Half-Life 2, being the great sequel it is, ignores all of that, skips 20 years into the future, creates a new threat (the Combine), shoves the player into "Eastern Europe"'s "City 17" (very specific) where everyone speaks English and looks American, barely mentions any of the events of Half-Life 1, and doesn't answer any of the above questions. Hell, it raises more questions than it answers, considering even the simple concept of giving Gordon his suit again is done terribly and in a way that makes no sense (it's a Mark V now, so it's the prototype, right? Except Kleiner says it's Gordon's suit, which STILL fits him, and if so, how did he get it, and how did he get the resources to modify it into a fully blown Mark V?). So how does the story hold up on it's own, if we pretend it's not a sequel at all?
According to HL2, "humanity" was defeated by the Combine after 7 hours of battle, with no explanation given as to why the Combine attacked (what for) or why they didn't just eradicate humanity at once. Instead, they basically made City-sized gulags in Eastern Europe, with no explanation given for the location's choice, or to why everyone speaks English, without showing as much as an accent, with 2 exceptions (Grigori, who has an Eastern European accent, and Odessa, a brit). The game takes place in one of these Cities, the capital of the Combine gulags, City 17, and it makes it clear that the Combine presence on Earth at the moment is simply a garrison formed to control the population, with the real brass waiting on the other side.
Funnily enough, the printing press still worked so that they could take a picture of the burning UN HQ and print out "Earth Surrenders!".
City 17 is ruled by "Wallace Breen", who used to be Black Mesa's administrator. In fact, he rules the entire Combine presence on Earth, with no explanation given as to why the administrator of a nuked facility became world leader instead of a capable politician or an actual Combine person. He resides in a tower simply known as The Citadel, and rules with an iron fist, taking notes from Orwell's "1984" without understanding any of it's nuances. There's this "suppression field" which prevents people from reproducing, and everyone lives off of free food given by the government, with no explanation given as to where it comes from or what it is. Soylent Green, anyone?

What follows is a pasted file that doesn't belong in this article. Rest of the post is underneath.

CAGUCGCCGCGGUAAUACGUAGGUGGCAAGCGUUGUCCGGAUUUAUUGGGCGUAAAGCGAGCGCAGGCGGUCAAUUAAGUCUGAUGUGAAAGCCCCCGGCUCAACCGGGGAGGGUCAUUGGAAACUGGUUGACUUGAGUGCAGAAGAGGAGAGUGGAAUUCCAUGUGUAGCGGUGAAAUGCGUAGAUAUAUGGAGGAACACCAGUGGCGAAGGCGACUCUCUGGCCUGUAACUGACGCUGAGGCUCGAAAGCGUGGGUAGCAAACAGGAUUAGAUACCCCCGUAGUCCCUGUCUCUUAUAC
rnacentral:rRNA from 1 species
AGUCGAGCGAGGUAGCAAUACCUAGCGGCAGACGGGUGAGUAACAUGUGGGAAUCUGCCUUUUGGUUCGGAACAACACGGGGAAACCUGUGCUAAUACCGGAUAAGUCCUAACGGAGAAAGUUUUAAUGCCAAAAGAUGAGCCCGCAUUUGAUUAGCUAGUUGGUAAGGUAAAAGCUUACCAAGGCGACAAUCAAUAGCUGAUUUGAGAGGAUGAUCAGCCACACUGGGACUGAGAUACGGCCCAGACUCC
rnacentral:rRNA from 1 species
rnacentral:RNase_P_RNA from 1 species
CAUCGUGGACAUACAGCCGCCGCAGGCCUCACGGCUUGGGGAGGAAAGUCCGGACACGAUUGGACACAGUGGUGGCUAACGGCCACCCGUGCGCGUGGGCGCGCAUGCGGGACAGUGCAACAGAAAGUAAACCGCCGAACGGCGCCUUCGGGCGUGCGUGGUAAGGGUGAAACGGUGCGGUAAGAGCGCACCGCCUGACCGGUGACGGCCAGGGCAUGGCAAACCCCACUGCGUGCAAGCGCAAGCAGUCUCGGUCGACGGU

The Combine are the most generic evil bad guys, with no redeeming moral qualities or even as much as a motivation other than "kill humans, lol". They drained the Earth's ocean, with no explanation given as to why or how, and they come from another dimension, because of course they do. They also use mortar canisters that have headcrabs inside in order to easily and effortlessly take out entire enemy bases, with no explanation given as to how they have all these headcrabs. They call their crappy transhuman garrison the Combine Overwatch, who are assisted by Civil Protetion, who are just regular humans.
The Resistance are the only force standing against the Combine. They're a group of scattered around cells that take refugees from City 17 so they can gather up refugees, with no explanation given as to why they have as many supplies as they do. They never attack the Combine, and had no plans of doing so until Gordon blew up a prison (Nova Prospekt) and killed pretty much all it's prisoners for the sake of saving one guy because a girl wouldn't shut up about it. Real hero right there. The Resistance is led by Eli Vance, a guy from Black Mesa, who's aided by Isaac Kleiner, a guy from Black Mesa, with help of a spy called Barney Calhoun, a guy from Black Mesa, and Mossman, a girl that would be from Black Mesa if it weren't for pesky Gordon getting her job instead, and Eli's daughter, Mary Su- I mean, Alyx Vance. There is no explanation given as to why they're all related to and mostly from Black Mesa, but you should already expect that at this point.